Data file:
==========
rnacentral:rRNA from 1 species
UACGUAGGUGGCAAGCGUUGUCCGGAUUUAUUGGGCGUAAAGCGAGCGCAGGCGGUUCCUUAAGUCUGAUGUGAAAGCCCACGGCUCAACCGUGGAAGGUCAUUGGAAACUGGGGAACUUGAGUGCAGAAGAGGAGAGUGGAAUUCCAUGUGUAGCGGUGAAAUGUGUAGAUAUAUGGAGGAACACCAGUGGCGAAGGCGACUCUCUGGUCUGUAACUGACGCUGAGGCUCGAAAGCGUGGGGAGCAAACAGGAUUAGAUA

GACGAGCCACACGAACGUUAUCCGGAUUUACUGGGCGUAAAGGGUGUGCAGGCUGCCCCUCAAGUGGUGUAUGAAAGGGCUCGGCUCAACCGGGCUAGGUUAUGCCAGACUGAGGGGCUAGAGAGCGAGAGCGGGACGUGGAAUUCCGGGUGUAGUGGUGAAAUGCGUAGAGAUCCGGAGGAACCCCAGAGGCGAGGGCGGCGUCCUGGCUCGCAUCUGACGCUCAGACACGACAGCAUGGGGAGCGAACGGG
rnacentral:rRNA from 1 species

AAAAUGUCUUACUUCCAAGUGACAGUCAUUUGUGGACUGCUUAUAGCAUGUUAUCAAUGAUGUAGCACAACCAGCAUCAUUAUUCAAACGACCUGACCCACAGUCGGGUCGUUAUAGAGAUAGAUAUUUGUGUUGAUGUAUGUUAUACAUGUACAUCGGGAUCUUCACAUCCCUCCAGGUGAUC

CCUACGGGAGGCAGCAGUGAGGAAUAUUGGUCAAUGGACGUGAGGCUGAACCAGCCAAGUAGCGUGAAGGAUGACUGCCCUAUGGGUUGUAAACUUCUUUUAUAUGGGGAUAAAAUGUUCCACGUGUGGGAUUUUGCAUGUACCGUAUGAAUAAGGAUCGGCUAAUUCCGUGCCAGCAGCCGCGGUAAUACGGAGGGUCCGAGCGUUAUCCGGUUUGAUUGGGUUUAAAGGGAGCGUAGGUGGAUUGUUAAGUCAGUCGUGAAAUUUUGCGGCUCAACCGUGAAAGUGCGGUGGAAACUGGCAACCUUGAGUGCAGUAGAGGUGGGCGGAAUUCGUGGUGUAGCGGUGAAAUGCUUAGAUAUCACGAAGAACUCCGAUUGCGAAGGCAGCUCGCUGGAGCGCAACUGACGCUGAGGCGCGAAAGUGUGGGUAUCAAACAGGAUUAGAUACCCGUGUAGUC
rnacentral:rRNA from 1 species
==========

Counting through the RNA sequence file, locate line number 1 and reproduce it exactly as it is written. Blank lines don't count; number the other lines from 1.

rnacentral:rRNA from 1 species